Fusco also argues that Art. 8307 of the Texas Workmen's Compensation Act is applicable to toll the running of the limitations period while the federal compensation claim is pending. It is our opinion, however, that the tolling provision applies only to actions under the Texas act, and is inapplicable to suits arising under the federal act. Cf. Mendiola v. United States, 401 F.2d 695, 698 (5th Cir. 1968) (limitations period tolled during pendency of compensation claim, except as against the United States).


Fusco's final contention is that summary judgment was improper on the issue of fraudulent concealment. We disagree. There cannot be fraudulent concealment of facts which admittedly were or should have been known by Fusco. It is admitted by Fusco that as early as 1967 he was aware of the dangers associated with asbestos products, and that in 1970 he was informed by medical doctors of his potential asbestos condition. As a result of his admissions, there was no evidence to raise a genuine issue of material fact, and since he relied solely on his pleadings in presenting this issue, summary judgment was proper.


The summary judgment entered by the district court in favor of the manufacturers is hereby




District Judge of the Western District of Texas, sitting by designation


It should be noted that the Texas Supreme Court in Garcia v. Texas Instruments, Inc., 610 S.W.2d 456, 459-463 (Tex.1980), has recognized that a four year period of limitations is applicable to actions for personal injuries resulting from breach of implied warranties of merchantability pursuant to § 2.725(a) of the Texas Bus. & Com. Code Ann. However, even if Fusco had brought his action under this section, his claim would remain time-barred because more than four years has elapsed since the cause of action accrued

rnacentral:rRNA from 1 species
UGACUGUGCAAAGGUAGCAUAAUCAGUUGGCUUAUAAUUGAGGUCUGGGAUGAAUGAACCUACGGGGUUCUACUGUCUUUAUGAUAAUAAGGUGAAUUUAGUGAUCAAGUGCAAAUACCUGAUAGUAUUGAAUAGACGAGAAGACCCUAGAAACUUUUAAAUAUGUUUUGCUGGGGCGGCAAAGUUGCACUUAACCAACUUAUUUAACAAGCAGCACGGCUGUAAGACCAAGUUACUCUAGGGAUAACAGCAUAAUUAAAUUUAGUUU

The cases relied on by Fusco are generally inapposite to his argument. U. S. v. Limbs, 524 F.2d 799, 801 (9th Cir. 1975), concerned recalcitrant employee-beneficiaries who refused to refund settlement proceeds to the employees compensation fund. The court held that the government's right of subrogation was based in quasi-contract, and was distinct from the original tort claim; therefore, the six-year limitations period of 28 U.S.C. § 2415 was applicable. U. S. v. Birmingham Fire Ins. Co., 370 F.Supp. 501, 503 (W.D.Pa.1974), merely held that the government's cause of action in contract under 28 U.S.C. § 2415 accrues at termination of the administrative process, and does not mention anything concerning third party causes of action. Likewise, U. S. v. Kellum, 523 F.2d 1284, 1286 (5th Cir. 1975) is not in point. In Kellum, the court determined that the United States in general was not subject to state statutes of limitations; however, nothing in the opinion indicates that a state statute of limitations may not bar the claim of a beneficiary to which the government had subrogation rights